Paul O’Dette, John Dowland, and Youposted on October 7th, 2009 by Sara Wintz
Here at Peak Performances, we’re always pleased when we come across a new slice of media that might illuminate the content of our upcoming performances. And this find is no different!
Check out this great audio snippet of Paul O’Dette performing with soprano Ellen Hargis on Saint Paul Sunday, with some light Q+A.
I’m no dedicated follower of 16th-century Lute or Renaissance Soprano Repertoires, but I have to admit that this Minnesota Public Radio broadcast is kind of cool and really brings a lot of background about Baroque Music to light. On October 25th, Paul O’Dette joins Peak Performances at the Alexander Kasser Theater to perform the lute music of John Dowland—known in many music circles as “The English Orpheus.”
Despite (or perhaps, because of) his bummed-out disposition, Dowland’s compositions were incredibly popular, and were published in more European countries than anyone else’s at the time. Dowland’s sorrow may have come from the lack of respect exhibited by younger musicians toward his work, or from the indifference he sensed from the royal court towards his music, which Paul O’Dette points out in his liner notes for his upcoming show at Kasser.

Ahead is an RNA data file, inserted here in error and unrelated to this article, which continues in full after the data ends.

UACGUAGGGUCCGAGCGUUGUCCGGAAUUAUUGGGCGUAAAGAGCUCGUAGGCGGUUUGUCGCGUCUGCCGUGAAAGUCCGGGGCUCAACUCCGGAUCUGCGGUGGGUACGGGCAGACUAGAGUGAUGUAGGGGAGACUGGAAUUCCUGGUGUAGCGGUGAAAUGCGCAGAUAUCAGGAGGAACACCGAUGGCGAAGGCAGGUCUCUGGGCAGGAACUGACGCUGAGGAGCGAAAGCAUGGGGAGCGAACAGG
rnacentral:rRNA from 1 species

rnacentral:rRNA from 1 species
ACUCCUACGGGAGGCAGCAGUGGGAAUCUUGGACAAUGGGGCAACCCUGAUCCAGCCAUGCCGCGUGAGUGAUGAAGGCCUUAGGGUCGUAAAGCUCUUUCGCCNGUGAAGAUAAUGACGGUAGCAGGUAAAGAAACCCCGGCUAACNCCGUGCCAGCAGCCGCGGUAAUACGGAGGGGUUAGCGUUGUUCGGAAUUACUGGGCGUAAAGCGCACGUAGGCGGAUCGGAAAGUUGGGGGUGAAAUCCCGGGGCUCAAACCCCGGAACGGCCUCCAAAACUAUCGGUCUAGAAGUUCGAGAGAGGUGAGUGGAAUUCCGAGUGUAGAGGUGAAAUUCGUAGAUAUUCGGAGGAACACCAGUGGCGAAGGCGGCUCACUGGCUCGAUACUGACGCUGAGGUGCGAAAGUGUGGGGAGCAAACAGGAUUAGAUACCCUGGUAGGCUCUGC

As sorrowful as Dowland may have been, his music was actually quite catchy. Jed Wheeler, Executive Director here at Peak Performances, refers to Dowland as the Sinatra of his day, in his 09/10 season opener, because of Dowland’s popularity among European listeners; frankly, I regard Dowland as more of the Dashboard Confessional-type. (Maybe that’s generational.)
Nevertheless, Dowland was responsible for broadening the possibilities for the lute and its music; again, Paul O’Dette: “No other lutenist was able to get so much out of the instrument so efficiently.”
There are some replications of past trends that seem completely irrelevant, dated, even humorous at this point… yet it never ceases to amaze me how some fashionable dispositions are seamlessly replicated over and over again.
John Dowland: I dub thee “English Emo.”
Sara Wintz is Communications Assistant in the Office of Arts & Cultural Programming at Montclair State University. Her writing has appeared on Ceptuetics and in The Poetry Project Newsletter.